Guess what? Contrary to the silly claims of some, Australian house prices are not falling through the floor.
In fact, Aussie dwelling prices surged back by a surprisingly strong 1% in the month of June assisted by a tail-wind in the form of the RBA’s generous rate cuts over the preceding 60 days. And these gains (not losses) were experienced by around 90% of the nation’s capital city owners.
Over the entire month of June, RP Data-Rismark’s “daily” hedonic index, which RBA remarks imply is its preferred benchmark, documented healthy capital growth in Sydney (+1%), Melbourne (+1%), Brisbane and the Gold Coast (+1%), Perth (+2%), Hobart (+2.7%), and Canberra (+2%). Only Adelaide (-1.1%) and Darwin (-0.7%) suffered losses.
The first chart below illustrates the change in the value of homes situated in the major east coast cities while the second includes the remaining conurbations.
As I correctly anticipated in this column two weeks ago, it would appear that the RBA’s 75 basis points worth of rate cuts over May and June, which have translated into about 55 basis points worth of variable lending rate reductions, has had a rapid impact on housing conditions.
Indeed, the commonality in the recovery in home values across most cities since the end of May is arresting.
Whereas at the end of May the year-to-date change in Australian dwelling values was estimated to be -2.2%, this has now fallen to just -1.2% as at June 30. It is entirely conceivable that the Australian housing market could end the year in the black.
Rismark’s quantitative forecasting models, which are used by banks, insurers and various government agencies, imply that national dwelling values will be flat over the next 12 months, which would be a materially better outcome than the 3.8% nominal loss experienced in 2011 (according to RP Data-Rismark’s eight capital city index).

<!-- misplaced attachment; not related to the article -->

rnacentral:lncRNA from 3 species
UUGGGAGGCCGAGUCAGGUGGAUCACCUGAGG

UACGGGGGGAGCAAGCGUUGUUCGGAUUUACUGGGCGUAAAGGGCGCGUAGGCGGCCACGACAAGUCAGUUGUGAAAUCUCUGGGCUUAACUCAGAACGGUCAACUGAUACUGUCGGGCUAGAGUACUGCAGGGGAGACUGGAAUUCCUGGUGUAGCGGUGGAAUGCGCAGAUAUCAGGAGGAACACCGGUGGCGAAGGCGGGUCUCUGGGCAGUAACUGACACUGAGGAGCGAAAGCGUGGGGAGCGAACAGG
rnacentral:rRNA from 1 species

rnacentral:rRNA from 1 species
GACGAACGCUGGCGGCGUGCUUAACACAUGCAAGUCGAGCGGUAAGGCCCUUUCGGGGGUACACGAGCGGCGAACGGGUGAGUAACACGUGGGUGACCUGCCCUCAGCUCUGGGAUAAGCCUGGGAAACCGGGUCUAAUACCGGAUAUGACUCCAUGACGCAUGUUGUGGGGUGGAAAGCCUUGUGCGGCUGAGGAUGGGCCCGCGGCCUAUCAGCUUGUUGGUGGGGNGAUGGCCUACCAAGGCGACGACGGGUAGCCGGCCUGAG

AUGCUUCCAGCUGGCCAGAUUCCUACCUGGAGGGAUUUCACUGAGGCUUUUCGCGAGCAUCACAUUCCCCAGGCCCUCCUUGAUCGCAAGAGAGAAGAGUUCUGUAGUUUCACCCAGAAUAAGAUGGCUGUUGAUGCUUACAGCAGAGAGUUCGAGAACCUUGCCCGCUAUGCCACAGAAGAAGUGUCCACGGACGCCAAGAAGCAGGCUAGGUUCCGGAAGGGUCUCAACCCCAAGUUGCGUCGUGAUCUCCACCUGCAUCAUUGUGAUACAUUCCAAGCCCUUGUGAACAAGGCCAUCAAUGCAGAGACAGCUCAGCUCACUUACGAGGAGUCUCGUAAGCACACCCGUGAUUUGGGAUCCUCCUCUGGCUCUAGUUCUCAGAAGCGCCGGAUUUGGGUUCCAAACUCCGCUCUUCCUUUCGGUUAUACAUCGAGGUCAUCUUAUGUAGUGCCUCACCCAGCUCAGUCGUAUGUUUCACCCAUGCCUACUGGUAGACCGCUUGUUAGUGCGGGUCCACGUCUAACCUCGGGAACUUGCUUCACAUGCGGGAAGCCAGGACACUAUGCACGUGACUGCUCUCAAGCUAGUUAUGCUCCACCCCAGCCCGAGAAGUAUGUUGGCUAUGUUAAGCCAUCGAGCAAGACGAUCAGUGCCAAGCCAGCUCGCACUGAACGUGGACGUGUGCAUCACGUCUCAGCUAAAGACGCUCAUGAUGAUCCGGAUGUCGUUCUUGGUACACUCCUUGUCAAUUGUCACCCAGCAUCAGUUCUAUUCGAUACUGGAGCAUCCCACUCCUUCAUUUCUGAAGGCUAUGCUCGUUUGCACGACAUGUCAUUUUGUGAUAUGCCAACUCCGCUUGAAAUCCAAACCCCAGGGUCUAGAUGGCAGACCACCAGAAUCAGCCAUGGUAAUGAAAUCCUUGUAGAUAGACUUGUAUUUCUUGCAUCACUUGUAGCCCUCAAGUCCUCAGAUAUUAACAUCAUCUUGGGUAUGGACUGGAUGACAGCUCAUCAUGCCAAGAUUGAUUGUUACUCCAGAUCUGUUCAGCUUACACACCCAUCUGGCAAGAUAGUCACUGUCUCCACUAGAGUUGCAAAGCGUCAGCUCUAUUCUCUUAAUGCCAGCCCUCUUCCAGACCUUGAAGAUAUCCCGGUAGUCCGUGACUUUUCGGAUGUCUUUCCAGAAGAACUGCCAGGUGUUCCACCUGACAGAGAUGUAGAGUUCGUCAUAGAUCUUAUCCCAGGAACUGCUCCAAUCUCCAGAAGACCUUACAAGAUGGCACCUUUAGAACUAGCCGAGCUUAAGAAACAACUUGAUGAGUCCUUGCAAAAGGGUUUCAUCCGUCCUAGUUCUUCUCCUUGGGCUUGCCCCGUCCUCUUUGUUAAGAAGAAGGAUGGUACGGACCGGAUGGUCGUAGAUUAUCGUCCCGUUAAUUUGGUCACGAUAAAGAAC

One of the most significant insights from the June data release was the exceedingly sharp improvement in Melbourne conditions. Melbourne home values have jumped 1.7% since June 11 alone (refer to the back line in the first chart above).
Regular readers will recall that Melbourne dwelling values appreciated by a remarkable 35% between January 2009 and December 2010. Yet the indigestion caused by this boom – and Melbourne’s unusually low rental yields – arguably contributed to a circa 8% correction in the period since.
The June data offer the first preliminary signs that the RBA’s preparedness to slash rates may have helped break the back of Melbourne’s housing malaise. And the sensational auction results garnered by Channel 9’s The Block show last night do nothing to dispel this possibility.
RP Data-Rismark’s June findings are also impressive because their daily index numbers represent actual changes in dwelling values; that is to say, there has been no “seasonal adjustment”.
We know that the winter months of May through August, and June and July especially, are typically very weak. So in “seasonally adjusted” terms, the capital gains recorded in June would have been larger again.
Dispassionate analysis reveals that Australian housing market’s fundamentals look increasingly benign. The national dwelling price-to-income ratio is at its lowest level since March 2003. (In fact, applying Rismark’s hedonic adjustments, disposable household incomes have grown more quickly than house prices for the past nine years.)
As the RBA’s Dr Guy Debelle pointed out last week, mortgage arrears remain low, and there is no evidence of overbuilding. Indeed, most credible experts, such as the government’s independent National Housing Supply Council, have concluded that there is a structural housing shortage.
The labour market is purportedly close to being fully employed, while wages have been expanding at a healthy clip. Finally, all-important mortgage rates are way below their long-term averages. Banks are offering discounted variable rates and three-year fixed rates today as low as 5.62% and 5.75% per annum, respectively.
It will be fascinating to see how the Sydney and Melbourne broadsheets cover the June house price results given their predilection for peddling gloom in favour of more sober analysis.
This persistent bias in popular reporting has led RBA governor Glenn Stevens and other senior media commentators, such as Ross Gittins, to argue that some in the media are misleading the community as to the true state of our economy. This may help explain why many confidence surveys depart so dramatically from the real economic data.
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